After these entries, you can set your MaxActive, MaxWait and MaxIdle for the individual database connections if you so wish.
Query List File
This defines where the file containing the databases specific queries (SQL) queries can be found. This is a customizable file.
You need to specify the query parameter file:
This entry will specify the query file of a database relative path are allowed.
NOTE: Most common query files are included in DBforBIX distribution you need to rename and remove “.sample”
Configuration of query.props file The query.props file can be modified or added to, so you can supply your own customized queries through DBforBIX against your Oracle instances/databases. Each query created has an associated 'Item' or item name that Zabbix will use to identify the query.
NOTE: Item names must be unique. The configurable items are formatted as follows.
You have to set the query name under the QueryList in the query.props file. Each query name is comma separated. For example;
You must identify the query by the unique item name you specified in the QueryList, followed by '.Query' for DBforBIX to recognise that this is the query string. It’s important to remember NOT to add the semi-colon “;” to the end of your custom query.
Now you can define what you want DBforBIX to return to your Zabbix Server if no data is found for your query.
You can specify if you want a different execution period for your query
customQueryItemName.Period=<Express a period in minute>
Next you can specify a query that will be executed and if return ‘RaceConditionValue’ the query ‘customQueryItemName’ is executed, otherwise it is skipped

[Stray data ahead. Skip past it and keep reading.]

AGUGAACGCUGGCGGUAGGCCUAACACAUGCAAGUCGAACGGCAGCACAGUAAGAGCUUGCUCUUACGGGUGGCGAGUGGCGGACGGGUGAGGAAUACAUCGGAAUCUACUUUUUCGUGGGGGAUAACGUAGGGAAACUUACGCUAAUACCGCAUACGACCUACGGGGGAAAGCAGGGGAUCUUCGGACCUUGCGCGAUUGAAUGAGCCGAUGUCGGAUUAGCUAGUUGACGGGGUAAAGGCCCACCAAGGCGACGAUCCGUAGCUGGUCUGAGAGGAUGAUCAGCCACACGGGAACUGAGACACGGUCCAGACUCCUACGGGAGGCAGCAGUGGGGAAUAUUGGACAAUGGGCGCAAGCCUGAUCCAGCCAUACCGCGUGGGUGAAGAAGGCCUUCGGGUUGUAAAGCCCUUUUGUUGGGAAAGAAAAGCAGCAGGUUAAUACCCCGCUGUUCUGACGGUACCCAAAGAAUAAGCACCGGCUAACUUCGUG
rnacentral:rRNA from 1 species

if true query is executed otherwise skipped
archive.Query=select round( A.LOGS*B.AVG/1024/1024/10 ) \ from ( SELECT COUNT (*) LOGS FROM V$LOG_HISTORY WHERE \ FIRST_TIME >= (sysdate -10/60/24)) A, \ ( SELECT Avg(BYTES) AVG, Count(1), Max(BYTES) Max_Bytes,Min(BYTES) Min_Bytes \ FROM v$log) B
archive.RaceConditionQuery=select value \ from \ v$parameter where name='log_archive_start'
if true the resultset is trimmed (default is true)
if true then add a space between columns of resultset(default is true)
exclude from result set the 1st, the 2nd etc.. columns from resultset
How do I start/stop the Daemon?
To start the DBforBIX Daemon, run:
To stop the DBforBIX Daemon, run:
How does Logging work? The DBforBIX daemon outputs its log file to the default location of /opt/dbforbix/logs/ Logging properties can be modified by making your required changes to:
The property setting responsible for defining the output location is:
Is there a way for DBforBIX to monitor RAC or DataGuard? Yes is possible, for example; If you have two hosts, RAC1 and RAC2, in one instance of RACINST you should write the connection string as follow:
What can I modify without restarting the daemon? The parameters that are dynamically read at each iteration of “DBforBIXDaemon.Sleep” are as follows;
- Any Query added to query.props
- Modifications to config.props
- Database List
Currently, the only known items that don't dynamically update are the ZabbixDaemon.MaxThreadNumber, and changes to Connection Pool info. Is it possible divide monitoring for based on database type and/or environment? Yes it's possible and it's easy! Basically, you just need to copy your installation directory into a new one e.g. you can have
/opt/dbforbix_prod /opt/dbforbix_test /opt/dbforbix_devel
and then you need to copy /etc/init.d/dbforbix into
/etc/init.d/dbforbix_prod /etc/init.d/dbforbix_test /etc/init.d/dbforbix_devel
After this, you need to customize start/stop script to locate the right directory for each instance of DBforBIX e.g.
should be changed into:
/opt/dbforbix_prod /opt/dbforbix_test /opt/dbforbix_devel
Now you have completely divided your monitoring solution to the most common scenarios of: development environment test/quality/pre-production environment production environment
After that you can customize your queries file for you different environments, ensure each fulfils the requirements based on their varying needs. You can play around with the suggestions above and do the same as needed.
Document Copyright © Andrea Dalle Vacche and Jason Chatfield
DBforBIX is released under and according to the
GNU GENERAL PUBLIC LICENSE
Version 3, 29 June 2007